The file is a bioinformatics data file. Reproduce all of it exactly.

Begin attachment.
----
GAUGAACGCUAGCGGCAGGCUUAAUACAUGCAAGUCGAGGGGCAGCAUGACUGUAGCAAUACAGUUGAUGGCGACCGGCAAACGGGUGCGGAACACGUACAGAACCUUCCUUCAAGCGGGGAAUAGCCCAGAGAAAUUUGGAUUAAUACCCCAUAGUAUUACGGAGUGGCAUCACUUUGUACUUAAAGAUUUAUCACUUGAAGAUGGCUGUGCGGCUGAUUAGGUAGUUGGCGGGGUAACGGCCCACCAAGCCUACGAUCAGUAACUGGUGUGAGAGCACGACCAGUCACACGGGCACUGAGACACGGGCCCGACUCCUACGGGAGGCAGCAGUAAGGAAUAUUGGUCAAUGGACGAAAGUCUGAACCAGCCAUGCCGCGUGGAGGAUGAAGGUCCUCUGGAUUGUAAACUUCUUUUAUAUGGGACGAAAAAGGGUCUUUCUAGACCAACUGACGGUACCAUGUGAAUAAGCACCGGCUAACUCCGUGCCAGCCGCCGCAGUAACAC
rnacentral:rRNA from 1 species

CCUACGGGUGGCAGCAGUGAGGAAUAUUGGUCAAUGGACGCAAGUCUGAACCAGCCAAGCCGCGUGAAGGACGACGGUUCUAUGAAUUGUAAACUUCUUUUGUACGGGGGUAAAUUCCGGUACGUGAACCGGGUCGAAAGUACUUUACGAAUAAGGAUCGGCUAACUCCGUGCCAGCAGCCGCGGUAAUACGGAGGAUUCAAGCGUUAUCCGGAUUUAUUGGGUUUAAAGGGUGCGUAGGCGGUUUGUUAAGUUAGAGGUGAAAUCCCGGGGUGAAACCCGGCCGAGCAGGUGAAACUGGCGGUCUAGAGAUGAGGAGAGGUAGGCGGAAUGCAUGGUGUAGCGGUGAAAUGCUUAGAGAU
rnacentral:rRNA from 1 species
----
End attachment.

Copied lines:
GAUGAACGCUAGCGGCAGGCUUAAUACAUGCAAGUCGAGGGGCAGCAUGACUGUAGCAAUACAGUUGAUGGCGACCGGCAAACGGGUGCGGAACACGUACAGAACCUUCCUUCAAGCGGGGAAUAGCCCAGAGAAAUUUGGAUUAAUACCCCAUAGUAUUACGGAGUGGCAUCACUUUGUACUUAAAGAUUUAUCACUUGAAGAUGGCUGUGCGGCUGAUUAGGUAGUUGGCGGGGUAACGGCCCACCAAGCCUACGAUCAGUAACUGGUGUGAGAGCACGACCAGUCACACGGGCACUGAGACACGGGCCCGACUCCUACGGGAGGCAGCAGUAAGGAAUAUUGGUCAAUGGACGAAAGUCUGAACCAGCCAUGCCGCGUGGAGGAUGAAGGUCCUCUGGAUUGUAAACUUCUUUUAUAUGGGACGAAAAAGGGUCUUUCUAGACCAACUGACGGUACCAUGUGAAUAAGCACCGGCUAACUCCGUGCCAGCCGCCGCAGUAACAC
rnacentral:rRNA from 1 species

CCUACGGGUGGCAGCAGUGAGGAAUAUUGGUCAAUGGACGCAAGUCUGAACCAGCCAAGCCGCGUGAAGGACGACGGUUCUAUGAAUUGUAAACUUCUUUUGUACGGGGGUAAAUUCCGGUACGUGAACCGGGUCGAAAGUACUUUACGAAUAAGGAUCGGCUAACUCCGUGCCAGCAGCCGCGGUAAUACGGAGGAUUCAAGCGUUAUCCGGAUUUAUUGGGUUUAAAGGGUGCGUAGGCGGUUUGUUAAGUUAGAGGUGAAAUCCCGGGGUGAAACCCGGCCGAGCAGGUGAAACUGGCGGUCUAGAGAUGAGGAGAGGUAGGCGGAAUGCAUGGUGUAGCGGUGAAAUGCUUAGAGAU
rnacentral:rRNA from 1 species